GORDON: But who couldn't want to -- if you could do it, who wouldn't want to have a nice property in the country, have your own vines, have some land, make wine, share is it with your friends of it's great if you can do it. But then I like the point that you don't have to be a multimillionaire and buy an expensive vineyard anymore. You can be a wine maker in an urban setting, you can buy grapes from Santa Barbara, make wine and sell it, and put your little stamp on it in the winery. So there's a lot of ways that people are getting into it, and it doesn't have to be approaching it with $20 million.
MAUREEN CAVANAUGH: That's a very good point. Exactly. We're taking your calls at 1-888-895-5727. George is calling us from El Centro. Good morning, George, welcome to These Days.
NEW SPEAKER: Ah, good morning. I'd like to say I really love your show, I listen to it all the time.
MAUREEN CAVANAUGH: Thank you.
NEW SPEAKER: I have a couple of just observations, I guess, and I guess, like, a question as well. I'm from a border town obviously here with a Mexican -- the Mexican border in Baja California. I lived in Ensenada for a year, and when I was living there, I became kind of a wine enthusiast. Cause of all of the great wineries that are there in Baja California that I don't feel don't get enough mention on both an international level, and I feel they're coming out, but I still feel they're not getting the actual reps they deserve.
MAUREEN CAVANAUGH: Well, let's get -- sure, George, thank you for that. And let's get a take on that. And Jim, what about Baja California? What about Mexican wine?
GORDON: There's some excellent Mexicans. And I agree, from basically the northern Baja region, there are a lot of outstanding wines. We have a section in Opus Vino, several pages about Mexico, and recommend the individual wineries or, you know, properties. I've had some -- especially red weans from the area there, outstanding. They're making a lot of different Rome varieties, Italian varieties, so you might find a Grenache or a Mourvedre, you might find a Nebiolo, which is originally Italian, and they're not getting the attention they deserve, probably, but they have a lot of computation.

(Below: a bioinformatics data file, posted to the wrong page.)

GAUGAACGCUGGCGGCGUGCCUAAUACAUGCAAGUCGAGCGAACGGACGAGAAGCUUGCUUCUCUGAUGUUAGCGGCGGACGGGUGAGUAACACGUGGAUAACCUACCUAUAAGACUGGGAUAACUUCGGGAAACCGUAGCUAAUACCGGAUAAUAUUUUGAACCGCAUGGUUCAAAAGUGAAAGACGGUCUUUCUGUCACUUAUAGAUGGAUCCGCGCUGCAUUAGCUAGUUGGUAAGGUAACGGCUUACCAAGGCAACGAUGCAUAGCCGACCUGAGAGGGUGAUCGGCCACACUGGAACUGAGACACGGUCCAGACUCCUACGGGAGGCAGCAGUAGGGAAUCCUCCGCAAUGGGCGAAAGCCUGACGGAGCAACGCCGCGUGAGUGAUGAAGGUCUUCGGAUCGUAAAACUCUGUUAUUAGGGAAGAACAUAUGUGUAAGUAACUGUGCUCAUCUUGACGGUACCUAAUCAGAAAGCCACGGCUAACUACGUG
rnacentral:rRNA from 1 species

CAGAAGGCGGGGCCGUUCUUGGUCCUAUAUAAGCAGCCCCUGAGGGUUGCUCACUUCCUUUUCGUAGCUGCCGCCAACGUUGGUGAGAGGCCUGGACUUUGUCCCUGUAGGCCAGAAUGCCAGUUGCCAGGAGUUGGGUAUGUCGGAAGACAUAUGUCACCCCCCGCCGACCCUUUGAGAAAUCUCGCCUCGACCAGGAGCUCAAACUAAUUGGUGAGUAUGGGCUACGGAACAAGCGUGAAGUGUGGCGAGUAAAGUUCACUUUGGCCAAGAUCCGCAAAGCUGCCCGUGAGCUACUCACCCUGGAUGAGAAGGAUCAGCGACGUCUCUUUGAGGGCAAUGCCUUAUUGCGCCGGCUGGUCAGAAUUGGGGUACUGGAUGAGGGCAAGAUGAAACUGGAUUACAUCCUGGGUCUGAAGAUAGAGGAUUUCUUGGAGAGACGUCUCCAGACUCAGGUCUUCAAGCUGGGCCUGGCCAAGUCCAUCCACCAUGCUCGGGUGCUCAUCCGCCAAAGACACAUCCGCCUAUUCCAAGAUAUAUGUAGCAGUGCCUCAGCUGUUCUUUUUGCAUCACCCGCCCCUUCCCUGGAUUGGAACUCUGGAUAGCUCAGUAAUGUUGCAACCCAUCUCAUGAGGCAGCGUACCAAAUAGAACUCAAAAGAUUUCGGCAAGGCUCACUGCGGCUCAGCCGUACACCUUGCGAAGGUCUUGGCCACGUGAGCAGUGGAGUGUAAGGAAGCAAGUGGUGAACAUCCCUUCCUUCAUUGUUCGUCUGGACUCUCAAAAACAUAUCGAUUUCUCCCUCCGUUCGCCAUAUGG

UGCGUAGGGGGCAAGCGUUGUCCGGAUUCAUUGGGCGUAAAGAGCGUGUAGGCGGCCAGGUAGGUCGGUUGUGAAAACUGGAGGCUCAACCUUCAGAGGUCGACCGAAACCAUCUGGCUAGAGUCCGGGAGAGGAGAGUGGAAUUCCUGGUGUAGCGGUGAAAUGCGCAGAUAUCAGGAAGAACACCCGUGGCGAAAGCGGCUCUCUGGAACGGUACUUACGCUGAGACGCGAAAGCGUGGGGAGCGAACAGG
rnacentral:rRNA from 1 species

MAUREEN CAVANAUGH: Yeah, that's very true. Sarah, ever a lot of these wines making it across the border into San Diego?
HANSON: Some. Of I would agree they're not getting quite as much recognition necessarily as they deserve.
MAUREEN CAVANAUGH: Is it because of the competition here?
HANSON: I think so. You know, the market is very saturated right now.
MAUREEN CAVANAUGH: So to speak.
HANSON: Yeah, in California. And there's so many California wines that are fantastic to buy, as well as Washington and Oregon, and to cover all of your bases on the list, you also want to cover usually France, Italy, etc. So Mexico doesn't always make it onto a list. But I have seen it.
MAUREEN CAVANAUGH: I want to ask you both, let me start with you, Sarah. What do you tell people who come to you, and as I say, you have a coauthor of the wine blog, the Sarkus, and they say they want to develop their palates? What do you tell them to do?
HANSON: Well, I think it's important not necessarily drink but taste as much wine as possible. The first thing you need to learn how to do is not necessarily swallow everything, but getting a spitting technique and be able to taste for a lot of different wines.
MAUREEN CAVANAUGH: Right.
HANSON: Because until you experience a lot of different flavors and regions and profiles, you don't really know everything there is out there to compare it to. So that's the first important thing. The other thing is to always surround yourself with people who know more than you. Of.
MAUREEN CAVANAUGH: That's good for anything.
HANSON: I learned that as a musician later in life. And start learning through other people. And pick up a couple books, maybe Jim's new book.
MAUREEN CAVANAUGH: Indeed. And I'm wondering, Jim, anything you want to add to that?
GORDON: One thing that I did when I was first learning about wine, I had a few friends and coworkers who were getting into it, this is before I even worked at wine spectator, but we formed a monthly wine tasting club. And it was very casual. Of each person, it was like six people or couples, each person would bring a bottle, everybody would bring their own glasses, you could go to somebody's house, and we'd do a blind tasting where we'd cover the bottles with bags, we'd pure the wines, we'd taste them, talk about them, eat some cheese and food and bread, other things, and have a great time. And then at the end, we would unbag them and see what the wines were. And it was always interesting to see if people liked the cheapest wine best, which they often did.
MAUREEN CAVANAUGH: Uh-huh.
GORDON: And blind tasting, it doesn't have to be some laboratory thing, it's a fun kind of game you can play, which I recommend people doing that to educate their palette, so to speak. It's sort of BS, but it learns to mean what you really like yourself and not go by strictly what the experts are telling you.
MAUREEN CAVANAUGH: I want to remind our hundredors issue we're taking your calls the 1-888-895-5727. I want to jump onto something you said Jim, because just recently a report that was heard on KPBS, it was the authors of Freakonomics, they did this report on marketplace, they examined whether more expensive wines actually taste better to people, and they found that people only preferred the more expensive wine when they knew it was more expensive. What is your take on that?